November 28, 2022

People walk past the US Supreme Court on the day the court will issue orders and opinions on June 1, 2021 in Washington, USA.

Erin Scott | Reuters

The Supreme Court on Thursday overturned a California rule requiring nonprofits to disclose the names and addresses of their largest donors, winning a victory for two conservative groups that challenged the request as unconstitutional.

The 6: 3 decision, which split the nine judges on an ideological basis, overturned a 2018 appeals court decision on the side of the California attorney general.

The rule had forced nonprofits to give the state their so-called Schedule B forms, which contain the personal information of all donors across the country who had contributed more than $ 5,000 in a given tax year. The state had argued that it needed this information to detect malpractice by charities.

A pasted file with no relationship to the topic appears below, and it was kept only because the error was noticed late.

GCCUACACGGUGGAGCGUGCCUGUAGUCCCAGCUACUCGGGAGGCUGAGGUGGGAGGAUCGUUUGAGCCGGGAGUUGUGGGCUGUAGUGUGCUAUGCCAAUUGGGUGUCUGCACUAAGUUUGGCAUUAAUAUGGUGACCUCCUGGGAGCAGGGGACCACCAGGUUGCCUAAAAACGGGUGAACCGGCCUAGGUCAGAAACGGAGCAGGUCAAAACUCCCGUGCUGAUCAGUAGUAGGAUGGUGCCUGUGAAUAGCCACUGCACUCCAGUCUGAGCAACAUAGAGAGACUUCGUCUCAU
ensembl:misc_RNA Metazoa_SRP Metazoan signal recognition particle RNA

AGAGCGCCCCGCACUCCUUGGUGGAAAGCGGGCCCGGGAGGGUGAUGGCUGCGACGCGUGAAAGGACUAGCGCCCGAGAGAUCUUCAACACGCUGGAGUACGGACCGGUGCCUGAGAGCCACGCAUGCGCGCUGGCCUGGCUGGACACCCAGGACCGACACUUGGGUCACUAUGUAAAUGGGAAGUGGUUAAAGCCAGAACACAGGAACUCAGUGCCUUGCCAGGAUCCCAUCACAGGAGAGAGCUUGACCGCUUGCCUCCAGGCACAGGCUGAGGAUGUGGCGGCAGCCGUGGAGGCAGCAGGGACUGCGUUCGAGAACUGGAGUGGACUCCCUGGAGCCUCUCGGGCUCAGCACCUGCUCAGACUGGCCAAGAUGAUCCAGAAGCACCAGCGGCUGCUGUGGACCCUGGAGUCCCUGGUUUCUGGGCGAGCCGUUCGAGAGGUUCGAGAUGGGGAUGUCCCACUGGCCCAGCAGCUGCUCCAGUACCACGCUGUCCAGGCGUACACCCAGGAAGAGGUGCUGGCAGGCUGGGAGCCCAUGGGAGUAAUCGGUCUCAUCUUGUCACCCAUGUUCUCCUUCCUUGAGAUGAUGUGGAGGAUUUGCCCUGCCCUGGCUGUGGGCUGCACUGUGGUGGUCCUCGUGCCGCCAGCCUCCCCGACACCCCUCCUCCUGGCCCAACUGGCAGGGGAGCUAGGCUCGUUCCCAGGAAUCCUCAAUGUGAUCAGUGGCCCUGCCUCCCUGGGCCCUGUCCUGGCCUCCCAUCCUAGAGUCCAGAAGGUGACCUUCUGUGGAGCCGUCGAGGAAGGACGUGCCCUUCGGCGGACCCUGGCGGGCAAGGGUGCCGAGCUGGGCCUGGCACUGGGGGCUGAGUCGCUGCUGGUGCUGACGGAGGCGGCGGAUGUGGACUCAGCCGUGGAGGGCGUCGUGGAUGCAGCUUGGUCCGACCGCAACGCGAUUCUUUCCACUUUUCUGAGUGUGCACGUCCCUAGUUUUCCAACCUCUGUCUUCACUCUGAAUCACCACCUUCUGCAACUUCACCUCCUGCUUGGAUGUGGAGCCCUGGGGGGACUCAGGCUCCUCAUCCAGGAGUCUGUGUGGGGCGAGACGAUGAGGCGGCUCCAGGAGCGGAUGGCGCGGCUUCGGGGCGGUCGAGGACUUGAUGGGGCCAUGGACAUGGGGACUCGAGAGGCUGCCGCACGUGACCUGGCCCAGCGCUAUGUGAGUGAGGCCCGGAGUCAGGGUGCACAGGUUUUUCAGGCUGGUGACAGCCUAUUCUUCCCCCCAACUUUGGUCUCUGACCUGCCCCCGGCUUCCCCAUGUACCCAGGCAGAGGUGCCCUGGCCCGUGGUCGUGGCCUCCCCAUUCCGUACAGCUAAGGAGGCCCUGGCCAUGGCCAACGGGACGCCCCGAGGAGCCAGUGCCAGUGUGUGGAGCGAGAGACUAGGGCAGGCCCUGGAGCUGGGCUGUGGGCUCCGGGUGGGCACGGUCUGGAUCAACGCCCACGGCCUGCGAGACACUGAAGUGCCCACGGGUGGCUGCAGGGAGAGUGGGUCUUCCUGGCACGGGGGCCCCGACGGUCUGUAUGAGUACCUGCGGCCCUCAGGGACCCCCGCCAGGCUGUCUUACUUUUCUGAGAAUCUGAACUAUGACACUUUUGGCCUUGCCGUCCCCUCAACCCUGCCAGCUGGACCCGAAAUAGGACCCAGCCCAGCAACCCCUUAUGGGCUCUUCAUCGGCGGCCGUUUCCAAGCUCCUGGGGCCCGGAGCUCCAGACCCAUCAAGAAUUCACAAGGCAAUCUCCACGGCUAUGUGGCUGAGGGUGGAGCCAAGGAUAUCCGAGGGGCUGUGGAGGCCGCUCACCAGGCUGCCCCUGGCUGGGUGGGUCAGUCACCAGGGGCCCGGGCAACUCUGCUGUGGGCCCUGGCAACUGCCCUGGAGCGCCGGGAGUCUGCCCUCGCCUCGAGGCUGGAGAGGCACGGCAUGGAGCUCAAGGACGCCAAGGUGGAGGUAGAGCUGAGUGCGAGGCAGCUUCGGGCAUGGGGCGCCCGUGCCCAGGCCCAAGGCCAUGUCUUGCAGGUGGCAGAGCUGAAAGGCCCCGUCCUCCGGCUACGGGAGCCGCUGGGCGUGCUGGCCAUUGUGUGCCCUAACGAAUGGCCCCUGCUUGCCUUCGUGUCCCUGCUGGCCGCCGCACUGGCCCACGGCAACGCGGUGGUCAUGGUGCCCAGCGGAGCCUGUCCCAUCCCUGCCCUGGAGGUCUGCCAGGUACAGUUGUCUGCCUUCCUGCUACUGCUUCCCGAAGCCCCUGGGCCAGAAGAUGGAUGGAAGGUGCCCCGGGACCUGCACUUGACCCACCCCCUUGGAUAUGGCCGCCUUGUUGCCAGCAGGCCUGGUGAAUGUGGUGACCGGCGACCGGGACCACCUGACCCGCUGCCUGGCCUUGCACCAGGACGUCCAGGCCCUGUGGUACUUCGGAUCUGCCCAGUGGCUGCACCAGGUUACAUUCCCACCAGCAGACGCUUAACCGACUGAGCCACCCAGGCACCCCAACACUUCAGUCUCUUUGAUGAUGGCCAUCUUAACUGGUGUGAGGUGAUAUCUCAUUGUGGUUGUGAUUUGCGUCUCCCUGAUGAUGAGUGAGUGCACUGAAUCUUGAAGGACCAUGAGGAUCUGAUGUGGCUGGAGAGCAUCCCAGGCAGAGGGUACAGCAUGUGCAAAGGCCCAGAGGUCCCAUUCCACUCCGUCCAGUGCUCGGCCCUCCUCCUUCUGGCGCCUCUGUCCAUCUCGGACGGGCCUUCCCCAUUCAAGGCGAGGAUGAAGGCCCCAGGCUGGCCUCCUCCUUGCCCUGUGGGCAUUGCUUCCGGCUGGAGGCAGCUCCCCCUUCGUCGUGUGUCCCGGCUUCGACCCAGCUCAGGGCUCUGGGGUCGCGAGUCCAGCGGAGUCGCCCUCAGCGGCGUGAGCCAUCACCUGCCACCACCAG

“We have no doubt that California has a vital interest in preventing charity misconduct,” wrote Chief Justice John Roberts in majority opinion.

But “there is a dramatic discrepancy” between “the interest the attorney general is trying to promote and the disclosure regime he has put in place to that end,” wrote Roberts.

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Two conservative groups – Americans for Prosperity, the influential advocacy group funded by the Koch billionaire brothers, and the Michigan-based Thomas More Law Center, which has been actively involved in hot cultural arenas – both had the disclosure rule challenged in lawsuits against the then-attorney general Kamala Harris.

These groups argued that California’s disclosure requirements violated the constitutional protection of freedom of speech and association.

US District Court judge Manuel Real agreed in 2016, ruling that the provision “chills the donor’s exercise of the freedoms of his donor’s first amendment to speak anonymously and engage in expressive association.”

However, the US Appeals Court for the Ninth District overturned the District Court’s rulings, stating that donor information “was collected for non-public use only and the risk of inadvertent public disclosure was low”.

Xavier Becerra followed Harris in the role after she became a US Senator. The current attorney general for the state is Rob Bonta.

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